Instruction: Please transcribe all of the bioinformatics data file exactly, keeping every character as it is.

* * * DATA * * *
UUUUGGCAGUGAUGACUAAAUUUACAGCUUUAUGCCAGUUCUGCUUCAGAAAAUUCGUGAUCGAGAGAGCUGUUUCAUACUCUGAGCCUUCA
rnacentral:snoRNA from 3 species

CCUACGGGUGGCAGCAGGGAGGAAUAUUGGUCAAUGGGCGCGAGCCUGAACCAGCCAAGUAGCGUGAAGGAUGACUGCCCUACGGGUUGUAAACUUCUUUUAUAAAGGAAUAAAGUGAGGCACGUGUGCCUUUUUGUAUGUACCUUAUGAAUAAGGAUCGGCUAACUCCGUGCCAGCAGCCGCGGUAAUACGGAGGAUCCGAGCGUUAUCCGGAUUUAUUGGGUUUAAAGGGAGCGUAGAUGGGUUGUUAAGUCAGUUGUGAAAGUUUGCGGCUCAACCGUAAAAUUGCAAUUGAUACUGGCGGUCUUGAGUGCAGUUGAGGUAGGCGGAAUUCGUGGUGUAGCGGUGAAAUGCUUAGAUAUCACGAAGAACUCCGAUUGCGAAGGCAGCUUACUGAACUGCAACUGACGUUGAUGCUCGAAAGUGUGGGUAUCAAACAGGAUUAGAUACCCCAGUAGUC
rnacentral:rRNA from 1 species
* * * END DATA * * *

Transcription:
UUUUGGCAGUGAUGACUAAAUUUACAGCUUUAUGCCAGUUCUGCUUCAGAAAAUUCGUGAUCGAGAGAGCUGUUUCAUACUCUGAGCCUUCA
rnacentral:snoRNA from 3 species

CCUACGGGUGGCAGCAGGGAGGAAUAUUGGUCAAUGGGCGCGAGCCUGAACCAGCCAAGUAGCGUGAAGGAUGACUGCCCUACGGGUUGUAAACUUCUUUUAUAAAGGAAUAAAGUGAGGCACGUGUGCCUUUUUGUAUGUACCUUAUGAAUAAGGAUCGGCUAACUCCGUGCCAGCAGCCGCGGUAAUACGGAGGAUCCGAGCGUUAUCCGGAUUUAUUGGGUUUAAAGGGAGCGUAGAUGGGUUGUUAAGUCAGUUGUGAAAGUUUGCGGCUCAACCGUAAAAUUGCAAUUGAUACUGGCGGUCUUGAGUGCAGUUGAGGUAGGCGGAAUUCGUGGUGUAGCGGUGAAAUGCUUAGAUAUCACGAAGAACUCCGAUUGCGAAGGCAGCUUACUGAACUGCAACUGACGUUGAUGCUCGAAAGUGUGGGUAUCAAACAGGAUUAGAUACCCCAGUAGUC
rnacentral:rRNA from 1 species